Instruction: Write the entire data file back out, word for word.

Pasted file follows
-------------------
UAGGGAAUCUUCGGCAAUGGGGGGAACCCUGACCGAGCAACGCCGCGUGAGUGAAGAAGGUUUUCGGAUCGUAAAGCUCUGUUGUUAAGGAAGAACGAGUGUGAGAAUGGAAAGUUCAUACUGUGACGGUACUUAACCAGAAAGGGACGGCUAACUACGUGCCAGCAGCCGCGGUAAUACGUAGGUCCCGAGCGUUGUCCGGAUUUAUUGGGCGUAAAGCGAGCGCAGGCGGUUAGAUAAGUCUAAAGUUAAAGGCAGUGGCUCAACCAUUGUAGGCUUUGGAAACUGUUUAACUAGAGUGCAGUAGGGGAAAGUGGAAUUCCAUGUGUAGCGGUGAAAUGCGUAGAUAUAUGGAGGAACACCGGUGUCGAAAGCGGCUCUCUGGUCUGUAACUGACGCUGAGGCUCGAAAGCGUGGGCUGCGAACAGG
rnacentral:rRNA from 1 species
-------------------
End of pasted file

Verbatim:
UAGGGAAUCUUCGGCAAUGGGGGGAACCCUGACCGAGCAACGCCGCGUGAGUGAAGAAGGUUUUCGGAUCGUAAAGCUCUGUUGUUAAGGAAGAACGAGUGUGAGAAUGGAAAGUUCAUACUGUGACGGUACUUAACCAGAAAGGGACGGCUAACUACGUGCCAGCAGCCGCGGUAAUACGUAGGUCCCGAGCGUUGUCCGGAUUUAUUGGGCGUAAAGCGAGCGCAGGCGGUUAGAUAAGUCUAAAGUUAAAGGCAGUGGCUCAACCAUUGUAGGCUUUGGAAACUGUUUAACUAGAGUGCAGUAGGGGAAAGUGGAAUUCCAUGUGUAGCGGUGAAAUGCGUAGAUAUAUGGAGGAACACCGGUGUCGAAAGCGGCUCUCUGGUCUGUAACUGACGCUGAGGCUCGAAAGCGUGGGCUGCGAACAGG
rnacentral:rRNA from 1 species